His Holiness the Dalai Lama, in his book Ancient Wisdom Modern World: Ethics for the New Millenniumstresses that education ‘constitutes one of our most powerful weapons in our quest to bring about a better, more peaceful, world.’ He emphasizes the need to open children’s eyes to the needs and rights of others, so that their actions have a universal dimension, and they develop their ‘natural feelings of empathy so that they come to have a sense of responsibility towards others.’ This is all about holistic education, and essential in this process is an education steeped in learning respect for the natural world around us. That is where our spirituality can be found and nurtured.
Sadly too many children are disconnected now from nature, living as they often do in over crowded towns and cities. I was lucky; I was brought up on a farm. But we owe it to our kids to help them find this connection with nature by whatever means possible. There is even a condition called “Nature-deficit disorder” coined by author Richard Louv in his book Last Child in the Woodswhere hehighlights the dangers of this disconnection. By giving our kids the opportunities to make spiritual connection with the natural world around them we start them on a holisticeducational journey of spiritual discovery and growth, developing their bodies, minds and spirit, as they learn how to become fully human.
Regrettably the purpose of education as seen in most of our traditional schools is to train people for jobs, rather than to be the rounded and spiritually grounded citizens of tomorrow. “Academic rigor” has become today’s buzz phrase for schools. As a result the system becomes shackled by the needs of exams and syllabuses and league tables and the latent spirituality of the young person becomes neglected; and if it is not nurtured it withers away and rampant materialism and reductionism are ready on the sidelines to fill the vacuum and take a hold on the young person’s life.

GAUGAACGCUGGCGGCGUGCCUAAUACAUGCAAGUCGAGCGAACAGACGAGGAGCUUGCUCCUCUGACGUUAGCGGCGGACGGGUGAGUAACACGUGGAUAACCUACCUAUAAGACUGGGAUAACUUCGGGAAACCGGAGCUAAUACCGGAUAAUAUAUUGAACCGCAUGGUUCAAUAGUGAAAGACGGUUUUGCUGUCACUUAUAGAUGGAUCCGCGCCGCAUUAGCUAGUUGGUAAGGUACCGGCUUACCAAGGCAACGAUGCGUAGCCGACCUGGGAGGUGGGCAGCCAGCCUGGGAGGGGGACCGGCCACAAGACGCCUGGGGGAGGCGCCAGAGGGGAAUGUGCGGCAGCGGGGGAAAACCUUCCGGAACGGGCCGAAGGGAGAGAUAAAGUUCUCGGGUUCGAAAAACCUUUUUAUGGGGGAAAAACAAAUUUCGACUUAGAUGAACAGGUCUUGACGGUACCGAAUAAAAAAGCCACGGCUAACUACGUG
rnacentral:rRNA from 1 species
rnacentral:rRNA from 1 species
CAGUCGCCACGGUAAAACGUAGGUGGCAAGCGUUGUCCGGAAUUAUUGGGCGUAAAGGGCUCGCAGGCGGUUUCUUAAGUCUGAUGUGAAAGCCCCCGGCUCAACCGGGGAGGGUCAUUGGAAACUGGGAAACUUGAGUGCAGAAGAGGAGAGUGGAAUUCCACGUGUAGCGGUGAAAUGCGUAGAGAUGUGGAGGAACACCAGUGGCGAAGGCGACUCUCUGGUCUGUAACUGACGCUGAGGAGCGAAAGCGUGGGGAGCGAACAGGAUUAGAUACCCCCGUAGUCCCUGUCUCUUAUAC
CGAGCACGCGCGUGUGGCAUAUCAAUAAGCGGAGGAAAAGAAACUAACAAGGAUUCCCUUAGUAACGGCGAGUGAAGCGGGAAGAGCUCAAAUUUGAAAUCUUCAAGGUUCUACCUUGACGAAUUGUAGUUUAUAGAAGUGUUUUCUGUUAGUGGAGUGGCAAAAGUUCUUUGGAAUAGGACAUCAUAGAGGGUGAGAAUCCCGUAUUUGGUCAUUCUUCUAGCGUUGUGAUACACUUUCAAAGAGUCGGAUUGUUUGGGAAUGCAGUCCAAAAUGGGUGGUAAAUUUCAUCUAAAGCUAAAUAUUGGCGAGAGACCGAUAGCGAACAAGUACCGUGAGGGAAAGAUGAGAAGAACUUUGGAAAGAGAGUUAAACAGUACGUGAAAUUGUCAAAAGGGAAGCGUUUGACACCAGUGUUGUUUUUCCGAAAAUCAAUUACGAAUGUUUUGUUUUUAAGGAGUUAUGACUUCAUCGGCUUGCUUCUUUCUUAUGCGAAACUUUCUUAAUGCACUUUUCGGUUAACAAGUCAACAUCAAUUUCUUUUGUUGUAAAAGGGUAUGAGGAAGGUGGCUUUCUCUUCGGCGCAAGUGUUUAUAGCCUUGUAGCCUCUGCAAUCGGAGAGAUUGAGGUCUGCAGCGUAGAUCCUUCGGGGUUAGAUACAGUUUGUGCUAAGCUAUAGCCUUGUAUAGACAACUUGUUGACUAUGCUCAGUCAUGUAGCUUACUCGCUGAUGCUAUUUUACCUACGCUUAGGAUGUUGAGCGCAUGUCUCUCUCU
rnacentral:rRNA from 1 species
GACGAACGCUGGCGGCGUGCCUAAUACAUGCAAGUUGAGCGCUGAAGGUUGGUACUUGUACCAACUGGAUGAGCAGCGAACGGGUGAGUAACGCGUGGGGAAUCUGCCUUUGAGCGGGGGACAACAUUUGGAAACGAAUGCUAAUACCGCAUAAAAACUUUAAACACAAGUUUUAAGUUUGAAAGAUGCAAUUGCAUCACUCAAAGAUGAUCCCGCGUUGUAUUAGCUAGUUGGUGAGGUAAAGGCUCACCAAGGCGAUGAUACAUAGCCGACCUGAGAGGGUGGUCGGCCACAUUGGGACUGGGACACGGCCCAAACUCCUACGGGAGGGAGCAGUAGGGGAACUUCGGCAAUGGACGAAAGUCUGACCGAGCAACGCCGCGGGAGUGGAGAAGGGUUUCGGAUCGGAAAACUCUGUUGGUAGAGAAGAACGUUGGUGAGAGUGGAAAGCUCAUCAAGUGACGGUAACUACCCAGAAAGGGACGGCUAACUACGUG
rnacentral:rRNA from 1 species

Happily there are schools that are bucking the trend. The fast growing network of Waldorf schools, for example, are based on the views of Rudolf Steiner, who saw the danger of education being driven more by the economic needs of society than the interests of the child. The holistic education within a Waldorf school “provides a detailed, richly artistic curriculum that responds to and enhances the child’s developmental phases, from early childhood through high school; cultivates social and emotional intelligence; and connects children to nature.”
I believe that educating our young people in the ways of spirit and respect and love, within a truly holistic education, will be the world’s most powerful healing force. This becomes ever more urgent as the forces of rampant materialism and militant atheism have a different agenda that I fear is proving harmful for the future health and happiness of our world.
So we need to target our kids. They are our future. We fail them if we do not ensure they are brought up with sound moral and ethical values; we fail them if we do not teach them a sense of right from wrong, fail to show them the importance of tolerance and love and compassion for all, fail to connect them with nature and fail to nurture their spirituality, all in all fail to give them a thoroughly holistic education.
May it come to pass sooner rather than later that many more of our schools come to be judged not only on their position in academic league tables but on how successfully they turn out well rounded, happy, respectful, empathic and spiritual citizens.
Make no mistake. The future of our world depends on it.